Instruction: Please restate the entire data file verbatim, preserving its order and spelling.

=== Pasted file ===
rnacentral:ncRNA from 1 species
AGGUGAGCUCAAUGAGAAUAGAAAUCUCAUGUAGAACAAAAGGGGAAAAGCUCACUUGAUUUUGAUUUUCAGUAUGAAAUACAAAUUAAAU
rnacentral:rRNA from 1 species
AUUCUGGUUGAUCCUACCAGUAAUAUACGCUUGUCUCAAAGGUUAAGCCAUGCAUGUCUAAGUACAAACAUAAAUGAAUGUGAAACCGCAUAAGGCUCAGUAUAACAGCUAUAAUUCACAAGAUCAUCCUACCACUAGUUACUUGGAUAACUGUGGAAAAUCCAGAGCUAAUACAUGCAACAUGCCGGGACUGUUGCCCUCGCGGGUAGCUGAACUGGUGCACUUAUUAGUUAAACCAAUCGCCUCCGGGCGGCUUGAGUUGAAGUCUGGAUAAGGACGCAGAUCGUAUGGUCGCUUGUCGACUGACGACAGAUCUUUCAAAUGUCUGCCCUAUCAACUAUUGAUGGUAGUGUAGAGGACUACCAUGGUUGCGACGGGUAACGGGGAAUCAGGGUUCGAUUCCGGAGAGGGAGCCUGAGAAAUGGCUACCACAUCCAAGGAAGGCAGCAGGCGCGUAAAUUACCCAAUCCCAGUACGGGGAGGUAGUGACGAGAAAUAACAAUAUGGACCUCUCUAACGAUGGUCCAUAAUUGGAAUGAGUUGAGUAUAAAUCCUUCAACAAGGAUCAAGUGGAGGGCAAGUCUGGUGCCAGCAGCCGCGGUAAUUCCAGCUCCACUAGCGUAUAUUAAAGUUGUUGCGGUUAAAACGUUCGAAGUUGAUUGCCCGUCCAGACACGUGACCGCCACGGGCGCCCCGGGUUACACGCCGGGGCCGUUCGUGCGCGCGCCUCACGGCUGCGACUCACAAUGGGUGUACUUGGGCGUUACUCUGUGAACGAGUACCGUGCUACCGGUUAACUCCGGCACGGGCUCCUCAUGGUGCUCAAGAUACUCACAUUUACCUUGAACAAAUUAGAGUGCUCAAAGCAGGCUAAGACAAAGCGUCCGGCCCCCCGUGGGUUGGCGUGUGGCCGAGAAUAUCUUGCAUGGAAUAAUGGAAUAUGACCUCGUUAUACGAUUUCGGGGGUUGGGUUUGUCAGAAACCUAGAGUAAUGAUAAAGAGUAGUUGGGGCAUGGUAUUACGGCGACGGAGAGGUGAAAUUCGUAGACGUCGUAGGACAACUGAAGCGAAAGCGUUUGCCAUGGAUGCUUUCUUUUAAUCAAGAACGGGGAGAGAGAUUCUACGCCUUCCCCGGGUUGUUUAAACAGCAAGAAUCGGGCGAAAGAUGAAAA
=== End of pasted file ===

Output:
rnacentral:ncRNA from 1 species
AGGUGAGCUCAAUGAGAAUAGAAAUCUCAUGUAGAACAAAAGGGGAAAAGCUCACUUGAUUUUGAUUUUCAGUAUGAAAUACAAAUUAAAU
rnacentral:rRNA from 1 species
AUUCUGGUUGAUCCUACCAGUAAUAUACGCUUGUCUCAAAGGUUAAGCCAUGCAUGUCUAAGUACAAACAUAAAUGAAUGUGAAACCGCAUAAGGCUCAGUAUAACAGCUAUAAUUCACAAGAUCAUCCUACCACUAGUUACUUGGAUAACUGUGGAAAAUCCAGAGCUAAUACAUGCAACAUGCCGGGACUGUUGCCCUCGCGGGUAGCUGAACUGGUGCACUUAUUAGUUAAACCAAUCGCCUCCGGGCGGCUUGAGUUGAAGUCUGGAUAAGGACGCAGAUCGUAUGGUCGCUUGUCGACUGACGACAGAUCUUUCAAAUGUCUGCCCUAUCAACUAUUGAUGGUAGUGUAGAGGACUACCAUGGUUGCGACGGGUAACGGGGAAUCAGGGUUCGAUUCCGGAGAGGGAGCCUGAGAAAUGGCUACCACAUCCAAGGAAGGCAGCAGGCGCGUAAAUUACCCAAUCCCAGUACGGGGAGGUAGUGACGAGAAAUAACAAUAUGGACCUCUCUAACGAUGGUCCAUAAUUGGAAUGAGUUGAGUAUAAAUCCUUCAACAAGGAUCAAGUGGAGGGCAAGUCUGGUGCCAGCAGCCGCGGUAAUUCCAGCUCCACUAGCGUAUAUUAAAGUUGUUGCGGUUAAAACGUUCGAAGUUGAUUGCCCGUCCAGACACGUGACCGCCACGGGCGCCCCGGGUUACACGCCGGGGCCGUUCGUGCGCGCGCCUCACGGCUGCGACUCACAAUGGGUGUACUUGGGCGUUACUCUGUGAACGAGUACCGUGCUACCGGUUAACUCCGGCACGGGCUCCUCAUGGUGCUCAAGAUACUCACAUUUACCUUGAACAAAUUAGAGUGCUCAAAGCAGGCUAAGACAAAGCGUCCGGCCCCCCGUGGGUUGGCGUGUGGCCGAGAAUAUCUUGCAUGGAAUAAUGGAAUAUGACCUCGUUAUACGAUUUCGGGGGUUGGGUUUGUCAGAAACCUAGAGUAAUGAUAAAGAGUAGUUGGGGCAUGGUAUUACGGCGACGGAGAGGUGAAAUUCGUAGACGUCGUAGGACAACUGAAGCGAAAGCGUUUGCCAUGGAUGCUUUCUUUUAAUCAAGAACGGGGAGAGAGAUUCUACGCCUUCCCCGGGUUGUUUAAACAGCAAGAAUCGGGCGAAAGAUGAAAA